On the same trip, a visit to MAHANANDI .
The main lingam looks cracked, chipped andsort of misshapen. Butofcourse theres a myth to explain away these imperfections.  All visitors are allowed to do pooja, abhisekham, whatever, to it by themselves , without the mediation of a priest.
The most interesting part of the temple is the remarkable kalyani, the sacred pond, with a central mantap, occupying the inner courtyard. It is said that it never dries up, nor does it ever overflow, throughout the year, the wayer looks almost on level with the ground. 
And ofcourse, theres that maha big Nandi. A humongous bull. But, in the beauty department , I feel it lags far behind our Mysore Nandi.

It was fun to watch tourists moving excitedly hither & thither with their cameras, desperately trying to fit the whole of the gigantic nandi into the picture . 
Perhaps some festival was coming up when we visited. For, along with busloads of tourists and pilgrims, seen milling around the temple, as in a " mela ", were colourful tribals in very interesting attires. And kids sported the kind of toy sunshades found mostly, only in village Fairs.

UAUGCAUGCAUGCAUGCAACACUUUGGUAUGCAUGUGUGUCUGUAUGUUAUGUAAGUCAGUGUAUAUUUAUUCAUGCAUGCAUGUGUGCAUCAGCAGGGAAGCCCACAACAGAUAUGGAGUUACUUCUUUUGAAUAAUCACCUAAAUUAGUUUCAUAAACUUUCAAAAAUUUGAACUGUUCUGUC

( Loved the roasted sunflower seeds , hot from the wok , sold in paper cones by picturesque tribals out side the temple. Cracking them open without crumbling the small kernels was a chore, but the slivers of nut finally obtained were fully worth the trouble. Yum ! ..... Whether trekking up the hill or cracking the sunflower seed, lesson learnt is same : No pain,no gain !)


bee said...

you have a truly enhancing blog. i enjoy your writing style and sketches.

bee said...

oops.. i mean 'enchanting'.

Team G Square said...

beautifully narrated the places . But why no photographs . Mahanandi is amazing , Ahobilam is on my hitlist to visit.

YOSEE said...

Team G : Thanx.
Why no photos ? Two reasons.
1.I am bad at photography.

2. I have a policy of not using photos that include us ,in this blog.And I couldn't find any i could use for this piece.

So, my sketches for illustration ! :-)

Team G Square said...

your sketches are out of this world madam .